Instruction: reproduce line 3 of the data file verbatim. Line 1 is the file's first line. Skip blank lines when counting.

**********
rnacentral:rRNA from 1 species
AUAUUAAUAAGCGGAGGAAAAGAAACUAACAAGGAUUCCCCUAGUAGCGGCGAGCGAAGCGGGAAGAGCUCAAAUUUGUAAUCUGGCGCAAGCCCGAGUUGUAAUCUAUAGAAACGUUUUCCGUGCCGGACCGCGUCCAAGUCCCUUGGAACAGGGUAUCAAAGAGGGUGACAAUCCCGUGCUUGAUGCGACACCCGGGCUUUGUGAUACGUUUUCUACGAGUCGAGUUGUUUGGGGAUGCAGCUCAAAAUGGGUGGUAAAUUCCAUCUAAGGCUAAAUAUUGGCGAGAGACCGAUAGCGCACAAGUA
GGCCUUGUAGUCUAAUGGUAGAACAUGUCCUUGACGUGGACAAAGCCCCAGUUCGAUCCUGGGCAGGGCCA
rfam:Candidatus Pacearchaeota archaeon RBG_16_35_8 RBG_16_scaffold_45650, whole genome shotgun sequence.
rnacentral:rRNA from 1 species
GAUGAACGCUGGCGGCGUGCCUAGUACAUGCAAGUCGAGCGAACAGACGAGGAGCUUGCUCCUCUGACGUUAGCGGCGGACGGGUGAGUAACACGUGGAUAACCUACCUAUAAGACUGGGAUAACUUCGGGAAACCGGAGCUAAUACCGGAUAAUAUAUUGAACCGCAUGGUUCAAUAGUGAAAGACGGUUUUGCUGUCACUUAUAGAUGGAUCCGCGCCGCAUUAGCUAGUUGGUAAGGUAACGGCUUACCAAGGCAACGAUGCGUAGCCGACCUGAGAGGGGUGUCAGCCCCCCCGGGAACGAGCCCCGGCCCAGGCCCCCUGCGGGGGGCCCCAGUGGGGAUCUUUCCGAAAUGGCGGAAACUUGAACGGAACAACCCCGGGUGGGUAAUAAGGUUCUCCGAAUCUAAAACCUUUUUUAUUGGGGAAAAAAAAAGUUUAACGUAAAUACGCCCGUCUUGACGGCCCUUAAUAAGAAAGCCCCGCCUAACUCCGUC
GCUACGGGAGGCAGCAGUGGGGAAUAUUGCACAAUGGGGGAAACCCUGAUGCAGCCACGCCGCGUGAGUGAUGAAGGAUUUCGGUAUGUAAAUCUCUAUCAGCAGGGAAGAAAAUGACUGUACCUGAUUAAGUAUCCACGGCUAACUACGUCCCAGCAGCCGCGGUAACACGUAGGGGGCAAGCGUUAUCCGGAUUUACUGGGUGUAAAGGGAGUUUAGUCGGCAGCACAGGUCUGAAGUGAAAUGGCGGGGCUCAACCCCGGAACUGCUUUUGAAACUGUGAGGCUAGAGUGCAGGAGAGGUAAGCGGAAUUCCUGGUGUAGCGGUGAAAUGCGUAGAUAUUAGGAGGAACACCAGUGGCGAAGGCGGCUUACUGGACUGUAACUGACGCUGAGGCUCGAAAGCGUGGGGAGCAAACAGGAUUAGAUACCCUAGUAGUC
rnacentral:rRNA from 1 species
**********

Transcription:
GGCCUUGUAGUCUAAUGGUAGAACAUGUCCUUGACGUGGACAAAGCCCCAGUUCGAUCCUGGGCAGGGCCA